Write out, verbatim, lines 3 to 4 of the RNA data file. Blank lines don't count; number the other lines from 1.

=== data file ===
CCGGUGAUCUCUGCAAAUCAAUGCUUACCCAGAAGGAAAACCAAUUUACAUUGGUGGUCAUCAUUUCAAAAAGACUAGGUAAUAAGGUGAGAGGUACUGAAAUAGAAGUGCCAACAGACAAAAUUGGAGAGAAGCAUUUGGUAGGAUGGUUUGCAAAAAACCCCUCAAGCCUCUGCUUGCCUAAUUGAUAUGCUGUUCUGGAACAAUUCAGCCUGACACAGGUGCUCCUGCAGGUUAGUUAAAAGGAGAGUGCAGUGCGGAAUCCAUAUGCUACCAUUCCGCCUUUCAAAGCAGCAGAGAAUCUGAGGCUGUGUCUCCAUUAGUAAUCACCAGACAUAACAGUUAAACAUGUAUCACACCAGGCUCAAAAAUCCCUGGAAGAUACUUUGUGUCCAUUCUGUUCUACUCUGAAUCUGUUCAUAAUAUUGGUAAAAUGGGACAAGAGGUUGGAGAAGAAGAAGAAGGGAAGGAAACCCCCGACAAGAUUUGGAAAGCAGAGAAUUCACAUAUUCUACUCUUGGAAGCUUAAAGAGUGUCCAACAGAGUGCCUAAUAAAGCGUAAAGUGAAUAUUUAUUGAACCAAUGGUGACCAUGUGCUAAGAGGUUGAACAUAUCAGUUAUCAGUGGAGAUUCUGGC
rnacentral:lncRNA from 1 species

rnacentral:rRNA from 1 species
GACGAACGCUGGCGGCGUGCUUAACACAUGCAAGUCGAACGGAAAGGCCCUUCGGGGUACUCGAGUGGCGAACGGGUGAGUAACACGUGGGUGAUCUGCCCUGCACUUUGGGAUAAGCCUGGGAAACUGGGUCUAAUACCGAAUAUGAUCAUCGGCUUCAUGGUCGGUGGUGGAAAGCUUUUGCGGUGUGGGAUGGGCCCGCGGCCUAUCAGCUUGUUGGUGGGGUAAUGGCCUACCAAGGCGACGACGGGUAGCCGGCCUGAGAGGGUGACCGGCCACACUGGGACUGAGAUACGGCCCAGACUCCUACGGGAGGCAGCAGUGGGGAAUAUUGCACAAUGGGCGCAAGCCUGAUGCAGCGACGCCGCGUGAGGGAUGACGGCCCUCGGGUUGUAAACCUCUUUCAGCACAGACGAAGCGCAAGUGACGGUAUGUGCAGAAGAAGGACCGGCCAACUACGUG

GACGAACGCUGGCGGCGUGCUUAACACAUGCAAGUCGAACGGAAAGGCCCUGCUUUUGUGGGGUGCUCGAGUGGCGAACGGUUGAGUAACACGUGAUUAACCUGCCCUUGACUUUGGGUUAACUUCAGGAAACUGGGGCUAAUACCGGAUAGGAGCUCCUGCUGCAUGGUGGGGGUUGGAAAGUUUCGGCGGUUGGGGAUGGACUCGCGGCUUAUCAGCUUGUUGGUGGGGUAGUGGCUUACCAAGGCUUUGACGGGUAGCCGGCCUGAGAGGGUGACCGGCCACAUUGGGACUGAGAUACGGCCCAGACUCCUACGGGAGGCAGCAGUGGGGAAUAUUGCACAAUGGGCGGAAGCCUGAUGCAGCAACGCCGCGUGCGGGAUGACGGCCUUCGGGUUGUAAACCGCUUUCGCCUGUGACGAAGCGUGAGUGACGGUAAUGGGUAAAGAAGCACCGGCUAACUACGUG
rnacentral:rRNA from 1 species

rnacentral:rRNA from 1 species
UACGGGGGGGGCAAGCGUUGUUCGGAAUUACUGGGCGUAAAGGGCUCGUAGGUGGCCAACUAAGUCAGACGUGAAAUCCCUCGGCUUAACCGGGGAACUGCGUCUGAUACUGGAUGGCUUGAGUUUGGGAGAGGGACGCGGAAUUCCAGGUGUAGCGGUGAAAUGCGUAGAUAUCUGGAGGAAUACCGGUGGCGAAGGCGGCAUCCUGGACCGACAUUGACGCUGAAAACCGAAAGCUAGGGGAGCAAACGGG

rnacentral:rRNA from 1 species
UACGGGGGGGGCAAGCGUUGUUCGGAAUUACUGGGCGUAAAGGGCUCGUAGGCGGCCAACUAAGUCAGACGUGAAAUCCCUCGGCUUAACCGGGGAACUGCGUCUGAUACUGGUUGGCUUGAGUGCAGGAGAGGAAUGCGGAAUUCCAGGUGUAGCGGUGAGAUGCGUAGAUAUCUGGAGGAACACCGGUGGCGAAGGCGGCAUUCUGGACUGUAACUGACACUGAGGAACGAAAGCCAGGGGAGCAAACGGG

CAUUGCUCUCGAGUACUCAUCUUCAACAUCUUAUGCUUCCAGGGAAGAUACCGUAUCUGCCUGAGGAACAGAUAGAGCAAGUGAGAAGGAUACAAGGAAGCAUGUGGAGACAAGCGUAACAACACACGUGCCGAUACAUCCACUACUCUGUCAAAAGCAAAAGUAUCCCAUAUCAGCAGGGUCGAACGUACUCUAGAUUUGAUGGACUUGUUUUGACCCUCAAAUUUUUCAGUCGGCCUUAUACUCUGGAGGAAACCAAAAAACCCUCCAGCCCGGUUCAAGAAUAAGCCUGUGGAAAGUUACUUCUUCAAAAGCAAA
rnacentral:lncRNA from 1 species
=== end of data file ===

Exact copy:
rnacentral:rRNA from 1 species
GACGAACGCUGGCGGCGUGCUUAACACAUGCAAGUCGAACGGAAAGGCCCUUCGGGGUACUCGAGUGGCGAACGGGUGAGUAACACGUGGGUGAUCUGCCCUGCACUUUGGGAUAAGCCUGGGAAACUGGGUCUAAUACCGAAUAUGAUCAUCGGCUUCAUGGUCGGUGGUGGAAAGCUUUUGCGGUGUGGGAUGGGCCCGCGGCCUAUCAGCUUGUUGGUGGGGUAAUGGCCUACCAAGGCGACGACGGGUAGCCGGCCUGAGAGGGUGACCGGCCACACUGGGACUGAGAUACGGCCCAGACUCCUACGGGAGGCAGCAGUGGGGAAUAUUGCACAAUGGGCGCAAGCCUGAUGCAGCGACGCCGCGUGAGGGAUGACGGCCCUCGGGUUGUAAACCUCUUUCAGCACAGACGAAGCGCAAGUGACGGUAUGUGCAGAAGAAGGACCGGCCAACUACGUG